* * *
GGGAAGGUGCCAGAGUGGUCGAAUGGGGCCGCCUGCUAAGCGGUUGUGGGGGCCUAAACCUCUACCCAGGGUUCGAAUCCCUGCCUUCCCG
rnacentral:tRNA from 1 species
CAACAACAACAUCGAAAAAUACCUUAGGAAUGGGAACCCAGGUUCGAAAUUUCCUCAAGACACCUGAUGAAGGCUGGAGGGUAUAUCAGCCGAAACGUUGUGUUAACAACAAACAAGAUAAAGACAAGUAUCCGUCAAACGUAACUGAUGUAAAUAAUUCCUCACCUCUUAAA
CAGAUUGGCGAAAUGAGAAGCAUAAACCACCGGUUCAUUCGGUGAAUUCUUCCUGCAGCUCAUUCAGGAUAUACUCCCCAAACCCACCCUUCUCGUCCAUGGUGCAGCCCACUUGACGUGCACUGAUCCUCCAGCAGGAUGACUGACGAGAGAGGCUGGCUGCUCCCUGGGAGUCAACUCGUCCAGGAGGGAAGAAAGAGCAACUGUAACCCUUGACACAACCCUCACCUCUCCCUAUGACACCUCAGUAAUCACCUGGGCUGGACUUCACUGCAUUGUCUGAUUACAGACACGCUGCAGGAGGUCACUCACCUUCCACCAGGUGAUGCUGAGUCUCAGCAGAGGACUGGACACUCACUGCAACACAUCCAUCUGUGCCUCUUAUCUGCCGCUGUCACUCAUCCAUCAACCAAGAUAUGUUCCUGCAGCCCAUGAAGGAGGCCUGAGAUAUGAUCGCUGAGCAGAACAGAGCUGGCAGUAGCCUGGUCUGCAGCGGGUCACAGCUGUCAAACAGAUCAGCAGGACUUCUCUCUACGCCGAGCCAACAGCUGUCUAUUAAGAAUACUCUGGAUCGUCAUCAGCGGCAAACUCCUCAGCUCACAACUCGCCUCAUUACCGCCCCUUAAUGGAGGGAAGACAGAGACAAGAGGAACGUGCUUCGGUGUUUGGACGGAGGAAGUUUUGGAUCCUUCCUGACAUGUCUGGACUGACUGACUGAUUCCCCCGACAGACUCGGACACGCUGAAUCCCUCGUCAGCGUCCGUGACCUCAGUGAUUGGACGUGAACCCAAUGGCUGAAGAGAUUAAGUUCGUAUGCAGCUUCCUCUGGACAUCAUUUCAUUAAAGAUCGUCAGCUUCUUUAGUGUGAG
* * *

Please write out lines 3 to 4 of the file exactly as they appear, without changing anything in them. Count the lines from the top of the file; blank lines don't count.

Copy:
CAACAACAACAUCGAAAAAUACCUUAGGAAUGGGAACCCAGGUUCGAAAUUUCCUCAAGACACCUGAUGAAGGCUGGAGGGUAUAUCAGCCGAAACGUUGUGUUAACAACAAACAAGAUAAAGACAAGUAUCCGUCAAACGUAACUGAUGUAAAUAAUUCCUCACCUCUUAAA
CAGAUUGGCGAAAUGAGAAGCAUAAACCACCGGUUCAUUCGGUGAAUUCUUCCUGCAGCUCAUUCAGGAUAUACUCCCCAAACCCACCCUUCUCGUCCAUGGUGCAGCCCACUUGACGUGCACUGAUCCUCCAGCAGGAUGACUGACGAGAGAGGCUGGCUGCUCCCUGGGAGUCAACUCGUCCAGGAGGGAAGAAAGAGCAACUGUAACCCUUGACACAACCCUCACCUCUCCCUAUGACACCUCAGUAAUCACCUGGGCUGGACUUCACUGCAUUGUCUGAUUACAGACACGCUGCAGGAGGUCACUCACCUUCCACCAGGUGAUGCUGAGUCUCAGCAGAGGACUGGACACUCACUGCAACACAUCCAUCUGUGCCUCUUAUCUGCCGCUGUCACUCAUCCAUCAACCAAGAUAUGUUCCUGCAGCCCAUGAAGGAGGCCUGAGAUAUGAUCGCUGAGCAGAACAGAGCUGGCAGUAGCCUGGUCUGCAGCGGGUCACAGCUGUCAAACAGAUCAGCAGGACUUCUCUCUACGCCGAGCCAACAGCUGUCUAUUAAGAAUACUCUGGAUCGUCAUCAGCGGCAAACUCCUCAGCUCACAACUCGCCUCAUUACCGCCCCUUAAUGGAGGGAAGACAGAGACAAGAGGAACGUGCUUCGGUGUUUGGACGGAGGAAGUUUUGGAUCCUUCCUGACAUGUCUGGACUGACUGACUGAUUCCCCCGACAGACUCGGACACGCUGAAUCCCUCGUCAGCGUCCGUGACCUCAGUGAUUGGACGUGAACCCAAUGGCUGAAGAGAUUAAGUUCGUAUGCAGCUUCCUCUGGACAUCAUUUCAUUAAAGAUCGUCAGCUUCUUUAGUGUGAG